In an uncertain residential market, developers should consider redirecting their focus to smaller scale projects with fewer dwellings in order to remain competitive in a volatile market.
At least that is the suggestion in McGrath Project's inaugural McGrath Report Projects Edition which examines a number of key market trends affecting the Australian property market, including how projects need to shift their focus to remain viable in a changing market.
Data released by CoreLogic’s Cordell report on the state of apartment and unit developments in the 12 months ending August 2017 indicates that the market is transitioning, with a decline in construction value and a substantial increase in abandoned projects. McGrath Projects general manager Adam Sparkes said that boutique, well-designed projects have achieved great success with owner-occupiers looking for a more intimate offering and sense of community.
Architect-led development that focuses more on owner-occupiers, either through a collaborative model or by focusing on design and quality are less affected by a volatile residential market. Developments like the Commons and Nightingale in Melbourne have such a significant waitlist they are selecting buyers via a ballot method.
[Related reading: Nightingale Licenses Collaborative Model to Private Developer]
As the investor market slows down -- a result of recent APRA's measures and limitations on foreign investors passed down in the 2017 Federal Budget -- smaller projects are attracting the more lucrative owner-occupier market.
The APRA measures include limiting interest-only loans to 30 per cent of a lenders’ mortgage portfolio and restricting growth of investor mortgage lending to 10 per cent per year. This coincides with the increase in stamp duty for overseas buyers (from 4 per cent to 8 per cent) in NSW and the federal budget limiting overseas buyers in new residential developments of over 50 dwellings to 50 per cent.
[Related reading: APRA Signals Lifting of Intervention After an ‘Erosion’ of Standards]
The measures mean that investors are now incurring higher interest costs on a mortgage that are typically 60 basis points higher than owner-occupiers – impacting the viability of new apartment projects marketed solely toward investors. Lenders are also tightening their lending criteria for residential developers -- particularly for those with investment-grade unit projects.
With pre-commitment sales targets for off-the-plan unit sales that are harder to achieve, developers are forced to deliver projects that suit market demand.
Victorian developers have been able to offset some of the loss in value of new developments as the market has seen an additional $7.7 billion worth of residential construction flow into the pipeline over the 12 months to August. This is despite Victorian legislation such as the introduction of plot ratios to the Melbourne planning scheme and the removal of the stamp-duty concession for investors on off-the-plan purchases.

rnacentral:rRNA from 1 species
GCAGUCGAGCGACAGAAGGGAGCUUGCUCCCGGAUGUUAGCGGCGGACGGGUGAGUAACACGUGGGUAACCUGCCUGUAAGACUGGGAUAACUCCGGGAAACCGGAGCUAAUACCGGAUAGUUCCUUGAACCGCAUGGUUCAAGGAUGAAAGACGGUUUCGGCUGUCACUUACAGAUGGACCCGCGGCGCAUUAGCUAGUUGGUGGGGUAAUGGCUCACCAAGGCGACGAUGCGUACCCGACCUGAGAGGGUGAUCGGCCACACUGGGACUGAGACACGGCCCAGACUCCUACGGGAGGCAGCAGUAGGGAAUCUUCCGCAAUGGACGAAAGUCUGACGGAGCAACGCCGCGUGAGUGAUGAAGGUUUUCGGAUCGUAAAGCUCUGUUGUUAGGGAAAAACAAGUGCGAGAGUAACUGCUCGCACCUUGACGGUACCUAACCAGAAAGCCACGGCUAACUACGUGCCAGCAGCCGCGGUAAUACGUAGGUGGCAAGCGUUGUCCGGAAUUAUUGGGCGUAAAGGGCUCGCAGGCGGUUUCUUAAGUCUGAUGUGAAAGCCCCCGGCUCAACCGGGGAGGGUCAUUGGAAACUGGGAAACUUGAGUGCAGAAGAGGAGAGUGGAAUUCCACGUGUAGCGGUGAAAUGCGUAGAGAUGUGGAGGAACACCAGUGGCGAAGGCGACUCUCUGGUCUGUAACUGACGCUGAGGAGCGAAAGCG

In the calendar year up to August 2017, Victoria saw $17.5 billion in apartment and unit project applications -- and of this sum, over $15.5 billion was for projects earmarked for construction in the Melbourne metropolitan area.
This is a growth of over 78.9 per cent for Victoria alone. This upward trend also correlates with the increasing value of commencing projects – which is up by 24.8 per cent to $13.3 billion – with the increase indicating that a backlog of projects are beginning to come online across Melbourne, Sydney and Brisbane.
[Related reading: RBA’s Macro Measures Cool Housing Market]
Interestingly, 95 per cent of the residential construction value commenced in NSW was located in metropolitan Sydney – indicating that despite the decreased appetite for new builds, developers are still delivering projects that work to create affordable housing in order to address the increased price pressures in the Sydney metropolitan area.
This is also seeing projects emerge like The Ivanhoe Estate in Sydney, where an eight hectare site in Macquarie Park will be transformed into an integrated community of 3,000 homes – including at least 950 social housing units and 128 affordable rental units.
“The shifting market conditions are not necessarily negative, instead it suggests that developers may be cautiously optimistic about what the future holds and are adjusting their thinking accordingly,” Sparkes said.
"For instance, in Queensland, there has been a decline in the number of development applications submitted but the state is expecting to see some deferred projects come back online as the proposed supply begins to moderate."
If the Australian market shifts more towards a US-style of "build-to-rent" it could add an estimated $300 billion worth of residential assets for institutional investors over the next few decades.
[Related reading: Australia’s Housing Future and the Build-to-Rent Approach]
Major residential developers and investors Lendlease, Mirvac and Stockland are all looking to offer the multi-family product, demonstrating that this shift could very well be on its way to the Australian residential market as an alternative product for developers to offer in the long-term.
Sparkes said that while the market has undergone some major shifts recently, these shifts have not all been negative, but have given developers some food-for-thought when they are planning their next projects to ensure the best return-on-investment.
“Developers who are releasing smaller projects with fewer dwellings are going to appeal more toward owner occupiers instead of investors – and given the lending restrictions on investors, this is a smart strategy for developers to use in an attempt to capitalise on current market conditions,” Sparkes said.